Players typically celebrate NBA Draft night by ceremoniously donning a fresh cap of the team that drafted them. Big smiles, even tears of joy are typical responses. Players likely wouldn’t be as enthusiastic if they were handed an L.A. D-Fenders or Springfield Armor hat rather than an L.A. Lakers or New Jersey Nets hat. But if last year is any indication, tonight’s selections in the 2011 NBA Draft should be prepared to spend some of their rookie season with the NBA Development League affiliate of the team that drafts them. That is, of course, if the 2011-12 NBA season takes place.
The D-League set a record with 39 players assigned last season. That number included 23 of the 60 (38.3 percent) players selected in the 2010 NBA Draft. The list of assigned players wasn’t limited to late picks. Ten first-round picks spent time in the D-League last season, including three lottery picks.
The average stay in the D-League wasn’t very long, but NBA franchises showed more openness to using the D-League as a tool to develop their young talent last season than ever before. The new NBA collective bargaining agreement—whenever that goes into effect—will likely have implications in terms of exactly how teams use the D-League in the future, but the consensus seems to be that teams want to use it more.
NBA teams also want more control over their players in the D-League, as evidenced by teams entering into hybrid relationships with their D-League affiliate, taking control of the basketball operations. The Nets and New York Knicks will join the Houston Rockets in single-affiliate partnerships with D-League franchises in Springfield, Erie, and Rio Grande Valley, respectively, next season. The Lakers, San Antonio Spurs, and Oklahoma City Thunder all have complete ownership of their affiliate club, and the Dallas Mavericks have a one-to-one affiliate in the Texas Legends, with Mavericks general manager Donnie Nelson as principal owner. It’s still a minority, but that means that nearly a quarter of the league’s teams are in a situation where they do not have to share their D-League franchise with another team, a definite advantage over the other teams who will have less control over the atmosphere into which potential assigned players would be placed.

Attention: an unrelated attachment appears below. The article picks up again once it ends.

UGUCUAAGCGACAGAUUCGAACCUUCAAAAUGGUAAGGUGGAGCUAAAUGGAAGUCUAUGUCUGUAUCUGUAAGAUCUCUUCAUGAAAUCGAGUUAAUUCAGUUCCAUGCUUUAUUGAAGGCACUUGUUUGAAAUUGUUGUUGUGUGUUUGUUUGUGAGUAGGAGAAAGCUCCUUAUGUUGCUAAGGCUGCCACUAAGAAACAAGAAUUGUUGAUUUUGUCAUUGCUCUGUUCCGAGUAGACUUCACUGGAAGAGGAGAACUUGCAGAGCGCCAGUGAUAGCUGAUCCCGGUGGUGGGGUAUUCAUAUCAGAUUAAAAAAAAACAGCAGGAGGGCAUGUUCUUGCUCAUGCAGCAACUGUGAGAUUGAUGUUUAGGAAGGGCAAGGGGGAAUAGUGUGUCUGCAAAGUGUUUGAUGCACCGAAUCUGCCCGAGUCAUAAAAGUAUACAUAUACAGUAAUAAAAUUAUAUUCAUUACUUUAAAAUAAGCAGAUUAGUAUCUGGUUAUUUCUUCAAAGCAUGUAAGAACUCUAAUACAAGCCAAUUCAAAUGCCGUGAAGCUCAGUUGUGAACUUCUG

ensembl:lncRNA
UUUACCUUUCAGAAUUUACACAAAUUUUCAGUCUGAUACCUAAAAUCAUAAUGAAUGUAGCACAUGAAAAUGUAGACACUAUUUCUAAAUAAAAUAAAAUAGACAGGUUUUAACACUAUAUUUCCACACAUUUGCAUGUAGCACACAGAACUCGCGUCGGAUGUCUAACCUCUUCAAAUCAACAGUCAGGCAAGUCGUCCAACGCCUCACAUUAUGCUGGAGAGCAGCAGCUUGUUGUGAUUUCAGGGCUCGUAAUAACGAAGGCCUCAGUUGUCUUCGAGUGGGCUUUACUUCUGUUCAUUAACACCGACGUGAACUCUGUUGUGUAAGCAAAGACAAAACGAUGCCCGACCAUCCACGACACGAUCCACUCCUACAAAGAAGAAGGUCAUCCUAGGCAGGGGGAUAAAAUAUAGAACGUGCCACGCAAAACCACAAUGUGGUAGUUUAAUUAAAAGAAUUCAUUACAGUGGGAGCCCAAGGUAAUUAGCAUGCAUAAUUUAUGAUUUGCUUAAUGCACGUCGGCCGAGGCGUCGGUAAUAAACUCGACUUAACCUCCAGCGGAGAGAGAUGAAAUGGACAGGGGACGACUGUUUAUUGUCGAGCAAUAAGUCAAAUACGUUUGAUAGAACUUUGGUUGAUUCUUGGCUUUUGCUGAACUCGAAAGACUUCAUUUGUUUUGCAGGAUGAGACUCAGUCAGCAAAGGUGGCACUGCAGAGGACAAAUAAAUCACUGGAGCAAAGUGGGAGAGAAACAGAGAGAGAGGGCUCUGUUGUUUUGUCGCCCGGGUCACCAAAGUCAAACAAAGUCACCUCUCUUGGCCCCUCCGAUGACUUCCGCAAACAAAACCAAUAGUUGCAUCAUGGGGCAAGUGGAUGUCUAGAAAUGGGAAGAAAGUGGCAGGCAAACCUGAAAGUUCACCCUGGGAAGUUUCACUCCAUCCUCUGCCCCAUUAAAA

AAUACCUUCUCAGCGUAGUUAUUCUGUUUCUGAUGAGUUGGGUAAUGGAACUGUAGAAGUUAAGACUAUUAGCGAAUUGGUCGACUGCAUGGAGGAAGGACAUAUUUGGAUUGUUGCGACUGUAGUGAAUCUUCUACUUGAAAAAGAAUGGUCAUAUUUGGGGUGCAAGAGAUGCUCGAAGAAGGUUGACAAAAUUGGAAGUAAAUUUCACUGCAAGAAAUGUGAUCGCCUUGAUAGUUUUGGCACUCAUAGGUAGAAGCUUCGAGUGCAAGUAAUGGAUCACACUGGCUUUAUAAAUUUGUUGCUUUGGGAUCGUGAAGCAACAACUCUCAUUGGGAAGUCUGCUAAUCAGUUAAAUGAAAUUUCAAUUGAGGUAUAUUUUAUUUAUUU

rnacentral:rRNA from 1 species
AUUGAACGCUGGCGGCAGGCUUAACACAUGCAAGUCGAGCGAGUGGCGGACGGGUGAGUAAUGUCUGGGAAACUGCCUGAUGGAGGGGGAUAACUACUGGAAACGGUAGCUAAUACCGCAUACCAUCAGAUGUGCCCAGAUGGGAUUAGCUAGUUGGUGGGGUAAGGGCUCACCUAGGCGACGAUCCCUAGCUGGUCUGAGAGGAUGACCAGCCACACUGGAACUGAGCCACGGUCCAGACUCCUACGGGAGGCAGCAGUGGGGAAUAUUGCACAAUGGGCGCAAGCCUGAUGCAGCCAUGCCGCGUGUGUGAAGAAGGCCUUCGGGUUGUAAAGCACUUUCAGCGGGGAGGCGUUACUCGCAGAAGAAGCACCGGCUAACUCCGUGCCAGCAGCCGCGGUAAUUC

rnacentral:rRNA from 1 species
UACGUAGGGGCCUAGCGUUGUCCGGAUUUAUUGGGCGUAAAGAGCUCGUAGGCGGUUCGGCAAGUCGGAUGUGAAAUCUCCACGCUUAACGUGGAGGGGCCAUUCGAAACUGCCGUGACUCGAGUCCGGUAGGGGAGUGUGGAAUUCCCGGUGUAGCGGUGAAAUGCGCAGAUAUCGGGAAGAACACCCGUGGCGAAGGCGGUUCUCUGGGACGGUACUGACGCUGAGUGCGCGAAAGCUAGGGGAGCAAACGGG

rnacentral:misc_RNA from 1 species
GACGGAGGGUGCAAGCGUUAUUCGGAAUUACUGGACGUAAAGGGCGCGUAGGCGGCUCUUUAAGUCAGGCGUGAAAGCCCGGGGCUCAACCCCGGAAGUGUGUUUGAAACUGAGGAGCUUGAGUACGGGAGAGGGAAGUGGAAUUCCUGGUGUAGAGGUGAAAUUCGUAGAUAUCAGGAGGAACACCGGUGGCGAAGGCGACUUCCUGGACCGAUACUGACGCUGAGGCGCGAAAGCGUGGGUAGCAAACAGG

There’s no way of knowing exactly which draftees will spend time in the D-League next season, but if there is an NBA season in 2011-12, there’s no doubt that many of them will a least have a cup of coffee in the D-League.
Click after the jump for the complete list of last year’s draft picks who spent time in the D-League.
11. Cole Aldrich (Tulsa 66ers via Oklahoma City Thunder)
13. Ed Davis (Erie BayHawks via Toronto Raptors)
14. Patrick Patterson (Rio Grande Valley Vipers via Houston Rockets)
15. Larry Sanders (Fort Wayne Mad Ants via Milwaukee Bucks)
16. Luke Babbitt (Idaho Stampede via Portland Trail Blazers)
19. Avery Bradley (Maine Red Claws via Boston Celtics)
20. James Anderson (Austin Toros via San Antonio Spurs)
21. Craig Brackins (Springfield Armor via Philadelphia 76ers)
25. Dominique Jones (Texas Legends via Dallas Mavericks)
29. Daniel Orton (New Mexico Thunderbirds via Orlando Magic)
32. Dexter Pittman (Sioux Falls Skyforce via Miami Heat)
33. Hassan Whiteside (Reno Bighorns via Sacramento Kings)
34. Armon Johnson (Idaho Stampede via Portland Trail Blazers)
*42. Da’Sean Butler (Austin Toros via San Antonio Spurs)
43. Devin Ebanks (Bakersfield Jam via Los Angeles Lakers)
46. Gani Lawal (Iowa Energy via Phoenix Suns)
47. Tiny Gallon (Maine Red Claws and Bakersfield Jam)
50. Solomon Alabi (Erie BayHawks via Toronto Raptors)
53. Pape Sy (Utah Flash via Atlanta Hawks)
54. Willie Warren (Bakersfield Jam via Los Angeles Clippers)
55. Jeremy Evans (Utah Flash via Utah Jazz)
56. Hamady N’Diaye (Dakota Wizards via Washington Wizards)
58. Derrick Caracter (Bakersfield Jam via Los Angeles Lakers)
*Did not appear in any games